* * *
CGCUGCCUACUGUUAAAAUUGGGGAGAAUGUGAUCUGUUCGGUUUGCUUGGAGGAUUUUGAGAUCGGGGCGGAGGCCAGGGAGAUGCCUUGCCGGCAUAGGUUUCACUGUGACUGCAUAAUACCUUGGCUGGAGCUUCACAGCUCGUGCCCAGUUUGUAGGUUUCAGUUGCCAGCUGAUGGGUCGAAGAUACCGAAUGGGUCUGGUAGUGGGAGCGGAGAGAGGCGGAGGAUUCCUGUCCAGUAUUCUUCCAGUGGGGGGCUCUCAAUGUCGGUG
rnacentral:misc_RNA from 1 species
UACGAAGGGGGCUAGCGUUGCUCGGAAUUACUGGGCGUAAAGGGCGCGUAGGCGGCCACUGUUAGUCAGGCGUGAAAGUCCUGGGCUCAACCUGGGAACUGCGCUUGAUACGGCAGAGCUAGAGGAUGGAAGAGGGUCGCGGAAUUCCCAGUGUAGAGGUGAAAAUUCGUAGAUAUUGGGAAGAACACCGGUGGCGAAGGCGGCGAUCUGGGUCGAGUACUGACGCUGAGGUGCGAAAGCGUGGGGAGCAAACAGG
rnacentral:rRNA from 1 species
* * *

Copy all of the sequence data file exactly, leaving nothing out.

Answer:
CGCUGCCUACUGUUAAAAUUGGGGAGAAUGUGAUCUGUUCGGUUUGCUUGGAGGAUUUUGAGAUCGGGGCGGAGGCCAGGGAGAUGCCUUGCCGGCAUAGGUUUCACUGUGACUGCAUAAUACCUUGGCUGGAGCUUCACAGCUCGUGCCCAGUUUGUAGGUUUCAGUUGCCAGCUGAUGGGUCGAAGAUACCGAAUGGGUCUGGUAGUGGGAGCGGAGAGAGGCGGAGGAUUCCUGUCCAGUAUUCUUCCAGUGGGGGGCUCUCAAUGUCGGUG
rnacentral:misc_RNA from 1 species
UACGAAGGGGGCUAGCGUUGCUCGGAAUUACUGGGCGUAAAGGGCGCGUAGGCGGCCACUGUUAGUCAGGCGUGAAAGUCCUGGGCUCAACCUGGGAACUGCGCUUGAUACGGCAGAGCUAGAGGAUGGAAGAGGGUCGCGGAAUUCCCAGUGUAGAGGUGAAAAUUCGUAGAUAUUGGGAAGAACACCGGUGGCGAAGGCGGCGAUCUGGGUCGAGUACUGACGCUGAGGUGCGAAAGCGUGGGGAGCAAACAGG
rnacentral:rRNA from 1 species